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Tuesday, 25 March 2014

A Job Well Done

The following short story was inspired by a prompt to combine a broken watch, peppermints, and a hug that went too far. Enjoy and please share any feedback!
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Kayleigh slowly unwrapped a peppermint, her own state of calm a sharp contrast to the screaming, excited children who careened around the yard in front of her, kicking about birthday balloons and chasing each other with ice-cream-sticky fingers. Placing the peppermint delicately in her mouth, Kayleigh let the taste tingle over her tongue. Sweet, but sharp, much like unrequited love, she reflected.
          “Mommy, mommy! The clown is scaring me!” A shrieking blonde-haired six-year-old, resplendent in party hat and sparkling pink tutu, threw herself into Kayleigh’s lap. The woman sighed good-naturedly and kissed her daughter’s head.
          “But you insisted on having the clown, darling. Don’t be afraid; go ask him to teach you how to juggle.” She pressed another kiss on the little girl’s curls and exchanged amused glances with one of the other mothers at the birthday party.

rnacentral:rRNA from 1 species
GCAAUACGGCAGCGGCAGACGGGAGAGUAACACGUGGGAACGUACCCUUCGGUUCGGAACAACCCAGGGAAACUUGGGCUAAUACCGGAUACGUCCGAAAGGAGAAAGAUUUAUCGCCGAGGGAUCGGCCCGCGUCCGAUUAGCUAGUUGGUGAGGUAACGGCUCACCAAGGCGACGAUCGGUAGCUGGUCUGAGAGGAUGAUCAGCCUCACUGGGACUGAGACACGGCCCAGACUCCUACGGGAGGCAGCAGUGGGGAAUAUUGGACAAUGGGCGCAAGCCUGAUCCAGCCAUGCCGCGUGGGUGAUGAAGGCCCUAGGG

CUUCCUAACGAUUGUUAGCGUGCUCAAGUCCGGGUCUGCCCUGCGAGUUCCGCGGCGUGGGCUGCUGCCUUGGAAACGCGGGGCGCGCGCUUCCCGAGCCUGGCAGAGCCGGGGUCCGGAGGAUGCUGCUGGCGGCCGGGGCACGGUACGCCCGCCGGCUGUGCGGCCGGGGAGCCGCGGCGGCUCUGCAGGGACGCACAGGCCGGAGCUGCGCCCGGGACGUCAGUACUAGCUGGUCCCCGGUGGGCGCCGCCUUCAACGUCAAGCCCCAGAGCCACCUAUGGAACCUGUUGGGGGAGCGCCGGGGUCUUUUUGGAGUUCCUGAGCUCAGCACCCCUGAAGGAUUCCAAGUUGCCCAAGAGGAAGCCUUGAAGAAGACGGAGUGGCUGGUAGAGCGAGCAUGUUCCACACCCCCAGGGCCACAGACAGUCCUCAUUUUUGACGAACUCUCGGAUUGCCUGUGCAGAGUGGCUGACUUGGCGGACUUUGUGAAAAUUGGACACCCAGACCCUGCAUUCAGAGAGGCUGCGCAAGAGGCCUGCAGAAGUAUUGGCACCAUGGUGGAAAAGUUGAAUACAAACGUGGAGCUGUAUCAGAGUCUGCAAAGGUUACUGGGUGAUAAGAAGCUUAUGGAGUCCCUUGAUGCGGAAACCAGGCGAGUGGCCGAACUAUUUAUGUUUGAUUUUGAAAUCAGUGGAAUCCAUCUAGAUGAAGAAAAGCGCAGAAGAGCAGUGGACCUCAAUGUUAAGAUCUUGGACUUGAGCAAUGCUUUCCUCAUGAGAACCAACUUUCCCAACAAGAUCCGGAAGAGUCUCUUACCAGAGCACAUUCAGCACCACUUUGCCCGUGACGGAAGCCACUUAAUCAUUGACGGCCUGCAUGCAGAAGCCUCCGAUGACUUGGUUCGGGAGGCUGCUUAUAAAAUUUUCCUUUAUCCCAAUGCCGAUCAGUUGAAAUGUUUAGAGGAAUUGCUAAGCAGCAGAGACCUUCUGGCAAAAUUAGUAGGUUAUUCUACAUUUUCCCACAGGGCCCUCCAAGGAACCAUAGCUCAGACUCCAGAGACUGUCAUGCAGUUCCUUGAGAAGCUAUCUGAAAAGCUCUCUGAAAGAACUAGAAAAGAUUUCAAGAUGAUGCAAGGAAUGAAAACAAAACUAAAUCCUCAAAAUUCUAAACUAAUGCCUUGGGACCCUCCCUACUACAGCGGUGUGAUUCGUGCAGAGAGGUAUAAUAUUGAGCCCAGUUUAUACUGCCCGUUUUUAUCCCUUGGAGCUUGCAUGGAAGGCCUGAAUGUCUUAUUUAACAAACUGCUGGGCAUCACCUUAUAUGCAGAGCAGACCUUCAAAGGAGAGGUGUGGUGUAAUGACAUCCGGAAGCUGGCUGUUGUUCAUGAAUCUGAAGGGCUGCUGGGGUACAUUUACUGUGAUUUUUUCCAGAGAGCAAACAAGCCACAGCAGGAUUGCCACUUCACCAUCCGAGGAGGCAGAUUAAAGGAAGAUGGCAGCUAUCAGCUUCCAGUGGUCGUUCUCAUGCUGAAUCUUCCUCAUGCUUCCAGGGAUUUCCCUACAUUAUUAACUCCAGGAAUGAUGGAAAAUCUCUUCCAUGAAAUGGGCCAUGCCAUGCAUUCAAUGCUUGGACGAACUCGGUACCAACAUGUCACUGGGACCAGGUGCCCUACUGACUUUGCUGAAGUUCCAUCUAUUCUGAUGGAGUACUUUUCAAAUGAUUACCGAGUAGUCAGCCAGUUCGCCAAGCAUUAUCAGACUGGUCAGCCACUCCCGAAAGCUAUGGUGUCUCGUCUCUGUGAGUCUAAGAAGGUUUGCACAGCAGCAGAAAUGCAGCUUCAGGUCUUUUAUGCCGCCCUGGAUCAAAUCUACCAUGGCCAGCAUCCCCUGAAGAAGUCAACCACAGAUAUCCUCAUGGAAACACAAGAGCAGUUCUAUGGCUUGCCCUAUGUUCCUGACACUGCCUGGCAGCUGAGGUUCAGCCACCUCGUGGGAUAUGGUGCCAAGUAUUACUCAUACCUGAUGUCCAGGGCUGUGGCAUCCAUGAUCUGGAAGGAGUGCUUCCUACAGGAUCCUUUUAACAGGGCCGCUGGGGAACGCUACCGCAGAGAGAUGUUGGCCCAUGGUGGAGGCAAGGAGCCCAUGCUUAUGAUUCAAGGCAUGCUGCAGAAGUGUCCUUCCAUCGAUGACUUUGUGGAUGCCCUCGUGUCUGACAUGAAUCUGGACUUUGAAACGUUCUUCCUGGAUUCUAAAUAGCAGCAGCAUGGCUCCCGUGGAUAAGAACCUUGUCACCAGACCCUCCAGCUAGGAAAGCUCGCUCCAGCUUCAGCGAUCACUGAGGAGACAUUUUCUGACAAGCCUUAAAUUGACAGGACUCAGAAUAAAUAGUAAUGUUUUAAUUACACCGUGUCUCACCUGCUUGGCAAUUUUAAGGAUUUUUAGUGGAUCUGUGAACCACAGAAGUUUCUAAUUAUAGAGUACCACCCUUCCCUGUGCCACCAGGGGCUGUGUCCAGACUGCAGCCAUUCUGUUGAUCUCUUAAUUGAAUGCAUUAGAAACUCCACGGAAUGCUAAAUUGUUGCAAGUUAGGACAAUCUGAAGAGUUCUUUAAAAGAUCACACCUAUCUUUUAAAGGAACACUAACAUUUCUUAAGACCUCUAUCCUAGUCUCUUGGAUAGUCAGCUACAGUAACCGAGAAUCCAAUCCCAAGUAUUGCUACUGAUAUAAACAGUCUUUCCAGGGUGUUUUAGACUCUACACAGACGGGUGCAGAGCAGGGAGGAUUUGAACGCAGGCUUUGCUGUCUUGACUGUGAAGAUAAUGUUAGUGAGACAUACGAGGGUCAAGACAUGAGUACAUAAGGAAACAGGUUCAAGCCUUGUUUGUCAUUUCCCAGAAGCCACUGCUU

“Enjoy every moment you have while she’s so young and precocious,” the neighbor said. “Before you know it she’ll be all grown up, out risking life and limb for the Revolution, like my eldest.”
          Kayleigh raised her eyebrows and pushed a strand of auburn hair out of her freckled face. “I hope the Revolution will be over by the time my Jessica is old enough to understand what it’s about.” 

Monday, 17 March 2014

The profitability of catflexing guides, and other things I learned working in a used bookstore

The definitive fantasy antiquities bookstore, St. George's Books of Jane Jensen's
adventure gaming classic, Gabriel Knight: Sins of the Fathers

One of my dreams has always been to run my own hybridised bookstore/teashop. Antique stained-glass windows, chintz teacups suspended from the rafters, an elegant tufted armchair set before an open fireplace... and one of those bitchin' ladders on rails for swooping dramatically during spontaneous sing-songs.

Like Belle. Not Nigel Thornberry.

I'd actually considered this to be one of my more down-to-earth dreams, but given the proliferation of online book giants and the dwindling presence of high street indie booksellers, it now seems about as likely as my teen aspirations of edging out Mrs Bon Jovi.

Nevertheless, the appeal of being paid to spend my days surrounded by books never quite left me (if the Kingyo Used Books series has taught me anything, it's that the life of a bookseller is a continual voyage of self-discovery with neat, metaphor-rich tie-ins to each episode's book-of-the-week). So, when I found myself "between jobs" and discovered that my local Oxfam was recruiting book team members, my book-nerd senses got a-tinglin'. Here's what I learned in my first few weeks: